Situation in the Republic of Kenya (Decision Pursuant to Article 15 of the Rome Statute on the Authorization of an Investigation into the Situation in the Republic of Kenya)

Case No. ICC-01/09 (2010)

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Situation in the Republic of Kenya (Decision Pursuant to Article 15 of the Rome Statute on the Authorization of an Investigation into the Situation in the Republic of Kenya)

International Criminal Court
Case No. ICC-01/09 (2010)

  • Written by Alexander Hager-DeMyer, JD

Facts

The International Criminal Court (ICC) investigated violence that erupted surrounding elections in the Republic of Kenya, which caused an estimated 1,000 deaths and displaced hundreds of thousands of Kenyan citizens. A substantial amount of the violence targeted the Kikuyu ethnic group and was perpetrated by criminal gangs or militia groups associated with various political parties. The ICC tried several political leaders for crimes against humanity. During the proceedings, the ICC addressed what characteristics qualified a group to be considered an organization under the Rome Statute’s requirements for crimes-against-humanity charges. The majority of the ICC’s pretrial chamber listed factors to consider in determining organization status, including whether (1) the group was under a responsible command or established hierarchy, (2) the group could carry out a widespread or systematic attack against a civilian population, (3) the group exercised control over part of a country’s territory, (4) the group’s primary purpose was to commit crimes against the civilian population, (5) the group implicitly or explicitly demonstrated an intent to attack a civilian population, and (6) the group was part of a larger group that fulfilled some or all of the listed criteria. The factors were listed as considerations rather than a rigid definition that needed to be fully satisfied to earn organization status under the Rome Statute. The majority found that the private Kenyan criminal and militia groups sufficiently satisfied the organization criteria and that their actions could be considered for crimes-against-humanity charges. One of the judges issued a dissenting opinion.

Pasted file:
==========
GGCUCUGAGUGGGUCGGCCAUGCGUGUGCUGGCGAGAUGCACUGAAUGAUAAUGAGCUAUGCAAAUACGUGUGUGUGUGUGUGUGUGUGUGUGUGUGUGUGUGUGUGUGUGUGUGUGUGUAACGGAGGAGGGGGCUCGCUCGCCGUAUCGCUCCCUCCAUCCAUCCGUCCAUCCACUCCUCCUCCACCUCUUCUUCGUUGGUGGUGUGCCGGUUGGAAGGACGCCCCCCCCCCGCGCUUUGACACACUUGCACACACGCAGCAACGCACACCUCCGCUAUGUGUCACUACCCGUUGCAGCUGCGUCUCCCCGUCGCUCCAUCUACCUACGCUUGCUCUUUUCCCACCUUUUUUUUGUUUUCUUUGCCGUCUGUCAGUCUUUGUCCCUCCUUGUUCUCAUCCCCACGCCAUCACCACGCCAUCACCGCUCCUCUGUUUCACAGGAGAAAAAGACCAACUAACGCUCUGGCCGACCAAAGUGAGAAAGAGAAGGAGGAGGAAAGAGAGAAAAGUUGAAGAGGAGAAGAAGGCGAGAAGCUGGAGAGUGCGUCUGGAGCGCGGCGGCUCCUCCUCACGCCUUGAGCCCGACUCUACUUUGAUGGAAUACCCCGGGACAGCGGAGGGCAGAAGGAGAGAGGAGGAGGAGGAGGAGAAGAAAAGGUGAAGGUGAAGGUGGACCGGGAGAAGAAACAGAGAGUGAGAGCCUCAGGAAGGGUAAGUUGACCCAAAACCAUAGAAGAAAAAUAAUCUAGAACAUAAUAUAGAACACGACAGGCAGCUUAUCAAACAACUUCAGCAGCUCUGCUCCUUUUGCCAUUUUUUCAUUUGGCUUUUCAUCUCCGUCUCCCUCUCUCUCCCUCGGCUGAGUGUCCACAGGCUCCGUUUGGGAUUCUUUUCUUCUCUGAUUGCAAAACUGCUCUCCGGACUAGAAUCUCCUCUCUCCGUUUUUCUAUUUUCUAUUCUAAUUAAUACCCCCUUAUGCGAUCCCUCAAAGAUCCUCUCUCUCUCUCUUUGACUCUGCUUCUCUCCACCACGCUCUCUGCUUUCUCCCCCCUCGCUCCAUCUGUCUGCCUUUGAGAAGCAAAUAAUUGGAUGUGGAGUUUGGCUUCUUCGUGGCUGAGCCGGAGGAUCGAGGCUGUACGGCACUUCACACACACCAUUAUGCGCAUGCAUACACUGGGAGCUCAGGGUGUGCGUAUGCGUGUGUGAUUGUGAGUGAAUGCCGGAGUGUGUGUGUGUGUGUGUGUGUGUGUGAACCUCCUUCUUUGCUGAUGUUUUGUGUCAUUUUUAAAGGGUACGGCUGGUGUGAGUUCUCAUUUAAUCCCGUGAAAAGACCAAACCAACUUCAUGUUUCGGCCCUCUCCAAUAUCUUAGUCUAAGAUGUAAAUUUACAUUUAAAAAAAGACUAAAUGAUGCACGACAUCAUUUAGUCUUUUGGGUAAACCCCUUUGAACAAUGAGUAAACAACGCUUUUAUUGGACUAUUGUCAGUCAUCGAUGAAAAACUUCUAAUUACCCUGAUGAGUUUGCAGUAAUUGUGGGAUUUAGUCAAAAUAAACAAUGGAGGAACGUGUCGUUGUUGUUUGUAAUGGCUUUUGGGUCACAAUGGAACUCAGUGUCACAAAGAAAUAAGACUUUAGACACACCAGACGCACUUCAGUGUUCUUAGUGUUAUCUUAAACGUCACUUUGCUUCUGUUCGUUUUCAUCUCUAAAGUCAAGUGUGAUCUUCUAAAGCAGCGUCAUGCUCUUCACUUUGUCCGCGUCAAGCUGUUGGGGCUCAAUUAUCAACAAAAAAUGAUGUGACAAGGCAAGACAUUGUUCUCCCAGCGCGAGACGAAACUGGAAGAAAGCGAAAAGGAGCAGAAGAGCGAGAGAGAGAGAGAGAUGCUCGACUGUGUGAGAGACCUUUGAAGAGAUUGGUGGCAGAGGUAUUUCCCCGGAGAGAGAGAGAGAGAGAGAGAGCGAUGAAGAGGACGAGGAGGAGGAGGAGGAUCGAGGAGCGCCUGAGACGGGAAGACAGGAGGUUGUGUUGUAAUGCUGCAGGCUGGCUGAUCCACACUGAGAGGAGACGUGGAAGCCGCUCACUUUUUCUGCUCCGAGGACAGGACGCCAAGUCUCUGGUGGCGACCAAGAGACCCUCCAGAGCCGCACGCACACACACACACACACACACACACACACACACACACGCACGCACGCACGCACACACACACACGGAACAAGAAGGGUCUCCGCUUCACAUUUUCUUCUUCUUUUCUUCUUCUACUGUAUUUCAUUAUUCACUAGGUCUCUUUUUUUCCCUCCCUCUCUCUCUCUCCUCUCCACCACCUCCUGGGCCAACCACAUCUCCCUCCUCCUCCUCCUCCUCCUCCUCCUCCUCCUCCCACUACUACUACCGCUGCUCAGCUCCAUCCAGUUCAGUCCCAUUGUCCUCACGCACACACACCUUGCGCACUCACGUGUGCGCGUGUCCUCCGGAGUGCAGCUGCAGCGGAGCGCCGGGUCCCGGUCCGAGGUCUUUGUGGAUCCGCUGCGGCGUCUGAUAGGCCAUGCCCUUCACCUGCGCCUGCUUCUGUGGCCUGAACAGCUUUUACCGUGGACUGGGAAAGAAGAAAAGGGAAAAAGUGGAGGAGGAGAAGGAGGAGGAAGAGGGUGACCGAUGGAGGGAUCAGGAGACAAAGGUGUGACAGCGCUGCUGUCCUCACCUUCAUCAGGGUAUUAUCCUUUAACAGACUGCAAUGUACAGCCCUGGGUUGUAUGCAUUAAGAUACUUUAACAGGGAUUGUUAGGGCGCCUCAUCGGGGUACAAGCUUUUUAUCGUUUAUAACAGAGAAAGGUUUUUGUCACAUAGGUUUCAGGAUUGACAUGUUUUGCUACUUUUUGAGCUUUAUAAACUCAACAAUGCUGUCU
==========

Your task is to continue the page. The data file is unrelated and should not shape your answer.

Rule of Law

Issue

Holding and Reasoning ()

Dissent (Kaul, J.)

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